Classical Greece And Hellenistic Greece
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Classical Greece and Hellenistic Greece have a lot of differences. They have differences in time as the classical Greek, or, Hellenic period was the time before the death of Alexander The Great. Some of them are the studies of philosophy, literature, art, science, and religion. As a result of Alexander’s campaigns, the Greek world was forever changed after his death in 323 BCE. Alexander’s campaigns had brought the Greeks into contact with a number of Asian cultures, and Alexander had wanted to use Greek and Macedonian cultures with the cultures he encountered, discouraging later practices of “conquer and assimilate.” Therefore, the Hellenistic period is characterized by changes in traditional Ancient Greek culture as a result of these contacts, and so history separates the two periods. The Hellenic period was the period that watched the invention of philosophy. There were a multitude of individual philosophers during this period, all of which had followers that often branched out from the original philosopher’s thoughts. One of the most famous works of this time is Plato’s Republic, which was the earliest systematic treatment of political philosophy. Other philosophers include Aristotle and Socrates.
The Hellenistic philosophers focused more on reason than a quest for truth. The philosophers thought very much that reason was the key to solving problems, and denied the possibility of obtaining truth. Instead, the philosophers relied more on faith, accepting the inability to know the truth. The major philosophical groups of the Hellenistic period include the Cynics, Epicureans, Stoics, and Skeptics. Unlike the classical period, very few philosophers were independent of these schools of thought.
The Homeric epics originated during the Hellenic period, reinforcing faith in human greatness and delighting in the beautiful aspects of life. Lyrical poetry also thrived in its gentle way. Tragic dramas, such as Antigone and Oedipus, were the best achievement of the Classic world. These were incorporated in many outdoor festivals for audiences of thousands of people. Comedy, especially by Aristophane, lacked subtlety and politeness that the other genres had.
During the Hellenistic period, that all changed. Comedies became more comparable to dramas, like the works of Menander. Theocritus wrote about make-believe worlds, rather than his own. This became dominated by historians, biographers, and authors writing of utopia.
Classical era art is what we consider Greek art today. It portrayed exuberance and cheerful sensuality. Marble statues and reliefs depicted human greatness and sensuality. A notable achievement is the rise in architecture of the Doric and Ionic columns. In the Hellenistic world, art became less “art” and more “commodity.” This shift in focus led to the creation of many “trash” works. Sculptures of the period emphasize extreme naturalism and unashamed extravagance, rather than the former idolized beauties and perfect Davids. The arts of this time were supported by many wealthy people, who used art for show. The architecture of this period also reflected materialism of art, emphasizing luxuriance. Some architectural achievements include the first lighthouse, the citadel of Alexandria, and the Corinthian column. The Classical Greek world witnessed the birth of many of the world’s most well-known ancient scientists and theories. In astronomy, Thales predicted a solar eclipse. In math, Pythagorean invented his theorem. Aristotle dabbled in metaphysics and syllogism. In medicine, many scientists used philosophy rather than science.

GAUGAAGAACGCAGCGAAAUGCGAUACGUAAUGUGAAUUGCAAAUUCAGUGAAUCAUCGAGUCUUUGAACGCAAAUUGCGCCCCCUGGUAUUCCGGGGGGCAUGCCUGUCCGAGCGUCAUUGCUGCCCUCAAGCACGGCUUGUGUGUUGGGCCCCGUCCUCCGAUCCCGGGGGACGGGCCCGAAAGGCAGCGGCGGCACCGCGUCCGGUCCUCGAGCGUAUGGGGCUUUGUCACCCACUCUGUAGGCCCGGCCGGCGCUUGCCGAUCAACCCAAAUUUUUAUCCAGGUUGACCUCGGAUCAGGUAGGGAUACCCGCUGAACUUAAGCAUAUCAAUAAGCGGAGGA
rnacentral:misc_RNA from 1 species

Most “doctors” considered that if something were to happen, it were a god’s doing specifically. This period also witnessed the achievements of Hippocrates, who is considered the “father” of modern medicine and invented the practice of bleeding patients to release toxins. The Hellenistic period, unlike its ways in the previous topics, built their beliefs based on a foundation made by Classical Greek ways. This is considered the First Great Age of science. The studies of scientific things were supported by wealthy patrons who pushed the scientific growth along. The elements of geometry, physiology, and Archimedes’ principle of specific gravity are only few of the many achievements of the period. In medicine, achievements also continued: including describing the brain, determining pulse and its meaning, and determining that the arteries only contain blood. Religion in the Hellenic world derived from the debates of philosophers.
There were debates over the goals of existence, which mostly led to the search for the highest god. The Ancient Greek pantheon of gods had been developed by this time, but the nature of the pantheon left humans able to question and debate the significance of the gods and their actions. The Hellenistic period witnessed some major developments in religion. Zoroastrianism arose as one of the first documented monotheistic religions, with Ahura-Mazda as the single god and the intercession of priests on earth. Mystery cults were also found during the period. Mithraism, another monotheistic religion, also arose in the this time period, with the god Mithra having been born on December 24 and holding Sunday as a sacred day. Both of these periods have greatly impacted the everyday lives of cultures all over the world.